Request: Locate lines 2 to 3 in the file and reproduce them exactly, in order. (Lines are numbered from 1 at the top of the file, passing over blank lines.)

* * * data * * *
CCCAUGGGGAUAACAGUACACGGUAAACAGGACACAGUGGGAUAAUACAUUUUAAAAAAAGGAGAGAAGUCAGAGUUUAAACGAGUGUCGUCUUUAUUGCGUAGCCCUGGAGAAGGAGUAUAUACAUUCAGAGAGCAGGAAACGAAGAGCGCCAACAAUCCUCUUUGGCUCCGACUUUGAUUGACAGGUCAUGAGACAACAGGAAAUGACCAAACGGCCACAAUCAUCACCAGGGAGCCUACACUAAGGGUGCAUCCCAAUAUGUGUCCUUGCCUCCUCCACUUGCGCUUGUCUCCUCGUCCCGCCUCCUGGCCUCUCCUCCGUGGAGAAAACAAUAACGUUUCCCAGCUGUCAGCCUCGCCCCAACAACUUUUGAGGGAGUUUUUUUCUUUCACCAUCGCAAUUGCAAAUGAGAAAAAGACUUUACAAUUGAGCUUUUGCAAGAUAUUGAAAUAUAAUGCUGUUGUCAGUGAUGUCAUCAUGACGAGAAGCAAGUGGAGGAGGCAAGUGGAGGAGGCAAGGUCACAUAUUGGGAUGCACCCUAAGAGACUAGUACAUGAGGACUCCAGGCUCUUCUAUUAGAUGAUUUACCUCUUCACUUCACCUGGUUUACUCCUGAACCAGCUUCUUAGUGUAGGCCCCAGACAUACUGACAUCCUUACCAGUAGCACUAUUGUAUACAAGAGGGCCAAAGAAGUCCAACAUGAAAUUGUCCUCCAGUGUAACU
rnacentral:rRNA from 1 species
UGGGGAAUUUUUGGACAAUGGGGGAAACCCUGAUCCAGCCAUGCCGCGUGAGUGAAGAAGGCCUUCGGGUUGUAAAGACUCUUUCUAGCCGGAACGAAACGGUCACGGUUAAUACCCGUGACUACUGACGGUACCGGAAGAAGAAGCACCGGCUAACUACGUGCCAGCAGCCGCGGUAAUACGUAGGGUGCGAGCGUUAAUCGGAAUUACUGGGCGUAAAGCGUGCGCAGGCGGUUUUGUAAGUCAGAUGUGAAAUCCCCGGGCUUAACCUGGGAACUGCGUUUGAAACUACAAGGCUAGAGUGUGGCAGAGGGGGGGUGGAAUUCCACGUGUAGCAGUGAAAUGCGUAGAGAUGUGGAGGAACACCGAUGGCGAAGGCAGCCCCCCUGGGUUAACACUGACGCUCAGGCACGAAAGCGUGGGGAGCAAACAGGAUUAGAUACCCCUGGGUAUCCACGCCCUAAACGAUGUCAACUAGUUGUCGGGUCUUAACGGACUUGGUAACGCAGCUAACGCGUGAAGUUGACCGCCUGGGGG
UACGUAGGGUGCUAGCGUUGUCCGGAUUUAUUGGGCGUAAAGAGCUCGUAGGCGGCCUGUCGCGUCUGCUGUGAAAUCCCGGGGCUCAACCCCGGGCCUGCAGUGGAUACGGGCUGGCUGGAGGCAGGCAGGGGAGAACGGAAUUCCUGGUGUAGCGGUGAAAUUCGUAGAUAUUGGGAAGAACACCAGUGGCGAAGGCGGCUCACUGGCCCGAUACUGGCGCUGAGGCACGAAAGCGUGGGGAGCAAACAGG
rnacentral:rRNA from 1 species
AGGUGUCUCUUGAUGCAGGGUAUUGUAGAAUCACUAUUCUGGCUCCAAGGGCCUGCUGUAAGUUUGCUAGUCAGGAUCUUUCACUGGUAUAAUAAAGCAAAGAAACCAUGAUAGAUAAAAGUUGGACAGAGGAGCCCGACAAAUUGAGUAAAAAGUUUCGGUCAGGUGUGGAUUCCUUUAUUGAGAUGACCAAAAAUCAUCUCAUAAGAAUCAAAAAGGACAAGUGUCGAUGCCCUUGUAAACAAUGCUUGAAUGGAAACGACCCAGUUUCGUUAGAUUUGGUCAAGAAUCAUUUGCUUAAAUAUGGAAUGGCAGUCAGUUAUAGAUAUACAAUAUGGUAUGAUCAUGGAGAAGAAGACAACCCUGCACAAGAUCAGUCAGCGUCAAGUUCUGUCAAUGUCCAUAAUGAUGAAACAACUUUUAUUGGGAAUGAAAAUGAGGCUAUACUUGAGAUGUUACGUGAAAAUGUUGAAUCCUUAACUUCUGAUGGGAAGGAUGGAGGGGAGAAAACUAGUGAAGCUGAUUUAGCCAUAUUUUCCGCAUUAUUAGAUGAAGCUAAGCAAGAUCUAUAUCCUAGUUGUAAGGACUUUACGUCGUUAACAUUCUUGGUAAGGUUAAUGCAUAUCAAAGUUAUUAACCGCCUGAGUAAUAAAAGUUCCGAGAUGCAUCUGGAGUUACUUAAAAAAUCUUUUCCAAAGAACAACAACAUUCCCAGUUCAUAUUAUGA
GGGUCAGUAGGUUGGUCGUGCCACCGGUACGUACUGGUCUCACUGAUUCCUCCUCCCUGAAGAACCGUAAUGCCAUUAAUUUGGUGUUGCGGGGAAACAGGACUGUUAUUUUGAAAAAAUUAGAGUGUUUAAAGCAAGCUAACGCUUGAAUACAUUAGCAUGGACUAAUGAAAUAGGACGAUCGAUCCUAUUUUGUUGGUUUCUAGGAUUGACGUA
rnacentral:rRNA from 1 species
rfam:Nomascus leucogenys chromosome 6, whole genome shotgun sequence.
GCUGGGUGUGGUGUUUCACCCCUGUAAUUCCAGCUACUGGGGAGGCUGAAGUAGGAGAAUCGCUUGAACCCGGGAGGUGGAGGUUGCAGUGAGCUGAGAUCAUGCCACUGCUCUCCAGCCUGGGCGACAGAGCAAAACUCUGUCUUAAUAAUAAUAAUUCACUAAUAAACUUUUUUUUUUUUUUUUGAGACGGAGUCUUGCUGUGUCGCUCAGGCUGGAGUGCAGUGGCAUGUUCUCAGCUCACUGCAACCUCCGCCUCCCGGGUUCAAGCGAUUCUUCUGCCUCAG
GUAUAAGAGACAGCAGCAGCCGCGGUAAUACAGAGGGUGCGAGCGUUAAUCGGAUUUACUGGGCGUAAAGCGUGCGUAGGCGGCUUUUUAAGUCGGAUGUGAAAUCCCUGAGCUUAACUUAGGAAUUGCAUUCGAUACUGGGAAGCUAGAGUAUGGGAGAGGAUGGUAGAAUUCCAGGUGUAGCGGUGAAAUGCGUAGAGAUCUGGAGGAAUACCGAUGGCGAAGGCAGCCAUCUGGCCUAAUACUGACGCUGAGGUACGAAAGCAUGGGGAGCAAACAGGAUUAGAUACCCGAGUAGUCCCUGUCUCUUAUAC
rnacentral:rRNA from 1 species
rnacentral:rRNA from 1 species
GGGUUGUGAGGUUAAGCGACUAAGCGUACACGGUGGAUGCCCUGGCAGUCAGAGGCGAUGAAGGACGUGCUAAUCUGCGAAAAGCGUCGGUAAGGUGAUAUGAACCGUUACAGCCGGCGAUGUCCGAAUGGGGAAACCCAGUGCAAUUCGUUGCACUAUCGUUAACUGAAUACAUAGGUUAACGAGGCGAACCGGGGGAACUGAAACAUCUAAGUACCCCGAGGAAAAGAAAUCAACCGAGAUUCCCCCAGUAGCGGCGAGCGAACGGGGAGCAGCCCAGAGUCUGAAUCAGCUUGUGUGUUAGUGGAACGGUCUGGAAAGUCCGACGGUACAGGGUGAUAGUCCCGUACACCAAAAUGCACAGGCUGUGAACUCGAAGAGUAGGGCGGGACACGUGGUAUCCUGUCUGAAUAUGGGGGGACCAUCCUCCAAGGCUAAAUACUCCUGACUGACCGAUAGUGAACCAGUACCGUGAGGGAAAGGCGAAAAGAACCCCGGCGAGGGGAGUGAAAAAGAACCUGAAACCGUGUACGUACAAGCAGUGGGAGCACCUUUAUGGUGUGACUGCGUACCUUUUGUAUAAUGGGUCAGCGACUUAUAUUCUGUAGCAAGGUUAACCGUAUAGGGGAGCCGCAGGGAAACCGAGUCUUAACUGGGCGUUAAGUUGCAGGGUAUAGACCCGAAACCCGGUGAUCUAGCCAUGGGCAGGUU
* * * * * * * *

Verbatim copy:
rnacentral:rRNA from 1 species
UGGGGAAUUUUUGGACAAUGGGGGAAACCCUGAUCCAGCCAUGCCGCGUGAGUGAAGAAGGCCUUCGGGUUGUAAAGACUCUUUCUAGCCGGAACGAAACGGUCACGGUUAAUACCCGUGACUACUGACGGUACCGGAAGAAGAAGCACCGGCUAACUACGUGCCAGCAGCCGCGGUAAUACGUAGGGUGCGAGCGUUAAUCGGAAUUACUGGGCGUAAAGCGUGCGCAGGCGGUUUUGUAAGUCAGAUGUGAAAUCCCCGGGCUUAACCUGGGAACUGCGUUUGAAACUACAAGGCUAGAGUGUGGCAGAGGGGGGGUGGAAUUCCACGUGUAGCAGUGAAAUGCGUAGAGAUGUGGAGGAACACCGAUGGCGAAGGCAGCCCCCCUGGGUUAACACUGACGCUCAGGCACGAAAGCGUGGGGAGCAAACAGGAUUAGAUACCCCUGGGUAUCCACGCCCUAAACGAUGUCAACUAGUUGUCGGGUCUUAACGGACUUGGUAACGCAGCUAACGCGUGAAGUUGACCGCCUGGGGG